There are some limitations of this study. First, we only investigated hepatic functional reserve and hepatic fibrosis markers such as serum autotaxin levels, FIB4 index, and liver stiffness to isolate factors associated with severe pruritus in PBC patients but not in patients with other etiologies of chronic liver disease. A previous study showed that progression of liver fibrosis was a predictor of pruritus in chronic hepatitis C patients who had achieved viral eradication following DAA therapy [23]. Thus, it is necessary to evaluate the association of liver fibrosis including serum autotaxin levels and pruritus according to the etiology of liver disease. Secondly, we did not perform repeated evaluations of pruritus in patients. Pruritus could vary greatly depending on various factors, including emotional and psychological state and seasonal bias. Follow-up evaluations are required to assess pruritus more accurately in each patient.

Conclusions

The frequency of pruritus was higher in patients with chronic liver disease than in healthy subjects and patients without chronic liver disease, and decrease in liver function was correlated with severe pruritus based on a large number of patients. Serum autotaxin is useful for assessing liver fibrosis and severity of cholangitis; however, it is not a predictive marker for severe pruritus in patients with PBC.

Availability of data and materials

All data generated or analysed during this study are included in this published article.

Abbreviations

AIH:

Autoimmune hepatitis

HBV:

Hepatitis B virus

HCV:

Hepatitis C virus

NAFLD:

Non-alcoholic fatty liver disease

NASH:

Non-alcoholic steatohepatitis

NRS:

Numerical rating scale

PBC:

Primary biliary cholangitis

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Acknowledgements

The authors thank Nobuko Yokoyama, Mika Tsuzuno, Akemi Sata and Emi Nishio for clerical assistance. The study was supported in part by research funding from the Research Program on Hepatitis from the Japan Agency for Medical Research and Development, AMED (grant number: 18fk0210020h0002).

Funding

The study was supported in part by research funding from the Research Program on Hepatitis from the Japan Agency for Medical Research and Development, AMED (grant number: 18fk0210020h0002). The funders had no role in study design, data collection and analysis, decision to publish, or preparation of the manuscript. No additional external funding was received for this study.

Author information

The involvement of each author was as follows: HF (1–5); MTanaka (1–5); MI (1–2, 6, 7); KM (2); AO (2); TN (2); EM (2); TK (2); ST (2); DM (2); MTsuge (2); AH (2); HA (2); NH (7); KC (1, 2, 6, 7). Key: (1) Conception and design; (2) Acquisition of data; (3) Analysis and interpretation of data; (4) Drafting of the manuscript; (5) Statistical analysis; (6) Study supervision; (7) Critical revision of the manuscript. All authors read the final version of this article and approved its content and submission for publication. All authors agreed to be accountable for all aspects of the work in ensuring that questions related to the accuracy or integrity of any part of the work are appropriately investigated and resolved.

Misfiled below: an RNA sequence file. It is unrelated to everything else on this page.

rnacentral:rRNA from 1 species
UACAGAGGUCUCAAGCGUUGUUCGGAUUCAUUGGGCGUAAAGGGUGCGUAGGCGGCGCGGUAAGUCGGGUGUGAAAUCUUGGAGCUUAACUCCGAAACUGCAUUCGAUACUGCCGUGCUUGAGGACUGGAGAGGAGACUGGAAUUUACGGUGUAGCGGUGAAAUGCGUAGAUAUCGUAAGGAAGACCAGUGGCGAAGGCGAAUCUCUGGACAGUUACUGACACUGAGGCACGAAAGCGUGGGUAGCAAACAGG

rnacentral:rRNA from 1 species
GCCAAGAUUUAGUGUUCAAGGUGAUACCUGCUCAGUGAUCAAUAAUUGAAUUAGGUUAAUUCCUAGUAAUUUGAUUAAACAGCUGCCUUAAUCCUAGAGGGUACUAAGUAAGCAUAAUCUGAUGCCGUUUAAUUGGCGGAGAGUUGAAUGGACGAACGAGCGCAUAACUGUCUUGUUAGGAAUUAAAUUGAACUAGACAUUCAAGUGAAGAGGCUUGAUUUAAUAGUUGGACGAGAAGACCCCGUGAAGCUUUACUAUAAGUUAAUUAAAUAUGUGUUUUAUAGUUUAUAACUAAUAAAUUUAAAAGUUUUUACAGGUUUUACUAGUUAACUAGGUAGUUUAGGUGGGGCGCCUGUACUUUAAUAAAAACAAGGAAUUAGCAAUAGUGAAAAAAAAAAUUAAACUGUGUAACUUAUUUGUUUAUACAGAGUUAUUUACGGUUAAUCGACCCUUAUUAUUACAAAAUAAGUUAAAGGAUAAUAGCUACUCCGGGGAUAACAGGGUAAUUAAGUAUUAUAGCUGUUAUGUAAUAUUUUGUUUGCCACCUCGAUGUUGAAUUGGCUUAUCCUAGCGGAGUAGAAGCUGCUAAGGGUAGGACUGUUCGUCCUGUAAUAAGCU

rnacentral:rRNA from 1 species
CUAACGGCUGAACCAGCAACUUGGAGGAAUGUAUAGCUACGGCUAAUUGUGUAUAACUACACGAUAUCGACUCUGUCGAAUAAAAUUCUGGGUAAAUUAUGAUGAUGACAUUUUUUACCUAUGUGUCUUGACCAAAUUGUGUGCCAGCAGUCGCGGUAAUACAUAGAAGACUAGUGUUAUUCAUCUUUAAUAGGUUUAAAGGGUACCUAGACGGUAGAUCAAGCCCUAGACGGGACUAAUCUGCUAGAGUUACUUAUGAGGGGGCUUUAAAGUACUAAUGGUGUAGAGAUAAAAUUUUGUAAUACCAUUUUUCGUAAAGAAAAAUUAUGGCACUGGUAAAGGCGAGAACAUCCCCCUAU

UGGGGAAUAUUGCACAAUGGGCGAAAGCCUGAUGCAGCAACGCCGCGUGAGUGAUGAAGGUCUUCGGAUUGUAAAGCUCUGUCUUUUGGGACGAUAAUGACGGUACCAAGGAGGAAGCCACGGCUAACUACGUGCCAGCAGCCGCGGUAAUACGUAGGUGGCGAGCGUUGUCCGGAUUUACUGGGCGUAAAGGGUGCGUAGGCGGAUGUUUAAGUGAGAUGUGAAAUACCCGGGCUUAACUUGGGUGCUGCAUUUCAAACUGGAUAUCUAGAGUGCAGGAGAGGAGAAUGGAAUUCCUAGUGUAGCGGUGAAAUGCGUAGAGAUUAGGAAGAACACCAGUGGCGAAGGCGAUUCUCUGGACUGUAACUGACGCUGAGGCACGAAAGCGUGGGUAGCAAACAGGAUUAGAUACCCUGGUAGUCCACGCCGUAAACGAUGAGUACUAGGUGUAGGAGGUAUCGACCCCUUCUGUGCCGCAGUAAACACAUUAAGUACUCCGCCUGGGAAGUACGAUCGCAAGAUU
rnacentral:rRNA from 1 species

Correspondence to Michio Imamura.

Ethics declarations

Ethics approval and consent to participate

All participants provided written informed consent to participate in the study according to the process approved by the ethical committee of Hiroshima University and conforming to the ethical guidelines of the Declaration of Helsinki.

Consent for publication

Not applicable. The authors declare that no patient data (details, images or videos relating to individual participants) are included in this article.

Competing interests

Michio Imamura has received research funding from Bristol-Myers Squibb. Kazuaki Chayama has received honoraria from Bristol-Myers Squibb, MSD K.K., AbbVie Inc., Gilead Sciences and Dainippon Sumitomo Pharma and research funding from Dainippon Sumitomo Pharma, MSD K. K and AbbVie Inc..

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Fujino, H., Tanaka, M., Imamura, M. et al. Pruritus in patients with chronic liver disease and serum autotaxin levels in patients with primary biliary cholangitis. BMC Gastroenterol 19, 169 (2019) doi:10.1186/s12876-019-1092-z

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Keywords

  • Pruritus
  • Numerical rating scale
  • Primary biliary cholangitis
  • Autotaxin